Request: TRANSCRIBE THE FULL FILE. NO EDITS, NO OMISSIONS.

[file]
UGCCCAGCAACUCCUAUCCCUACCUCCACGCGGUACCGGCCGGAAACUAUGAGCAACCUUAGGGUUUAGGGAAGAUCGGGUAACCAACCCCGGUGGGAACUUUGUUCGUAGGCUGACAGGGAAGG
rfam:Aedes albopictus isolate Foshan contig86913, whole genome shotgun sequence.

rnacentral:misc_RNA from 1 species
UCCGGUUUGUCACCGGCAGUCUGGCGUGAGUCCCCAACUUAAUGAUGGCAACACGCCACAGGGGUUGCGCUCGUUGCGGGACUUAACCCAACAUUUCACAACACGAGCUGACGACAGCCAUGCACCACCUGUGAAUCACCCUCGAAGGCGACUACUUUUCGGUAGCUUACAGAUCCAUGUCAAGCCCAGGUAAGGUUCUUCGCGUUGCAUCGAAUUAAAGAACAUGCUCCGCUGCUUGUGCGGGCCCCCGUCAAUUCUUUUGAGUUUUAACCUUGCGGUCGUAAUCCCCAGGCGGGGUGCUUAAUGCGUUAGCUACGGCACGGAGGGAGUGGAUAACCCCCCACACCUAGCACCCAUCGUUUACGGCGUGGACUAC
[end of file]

UGCCCAGCAACUCCUAUCCCUACCUCCACGCGGUACCGGCCGGAAACUAUGAGCAACCUUAGGGUUUAGGGAAGAUCGGGUAACCAACCCCGGUGGGAACUUUGUUCGUAGGCUGACAGGGAAGG
rfam:Aedes albopictus isolate Foshan contig86913, whole genome shotgun sequence.

rnacentral:misc_RNA from 1 species
UCCGGUUUGUCACCGGCAGUCUGGCGUGAGUCCCCAACUUAAUGAUGGCAACACGCCACAGGGGUUGCGCUCGUUGCGGGACUUAACCCAACAUUUCACAACACGAGCUGACGACAGCCAUGCACCACCUGUGAAUCACCCUCGAAGGCGACUACUUUUCGGUAGCUUACAGAUCCAUGUCAAGCCCAGGUAAGGUUCUUCGCGUUGCAUCGAAUUAAAGAACAUGCUCCGCUGCUUGUGCGGGCCCCCGUCAAUUCUUUUGAGUUUUAACCUUGCGGUCGUAAUCCCCAGGCGGGGUGCUUAAUGCGUUAGCUACGGCACGGAGGGAGUGGAUAACCCCCCACACCUAGCACCCAUCGUUUACGGCGUGGACUAC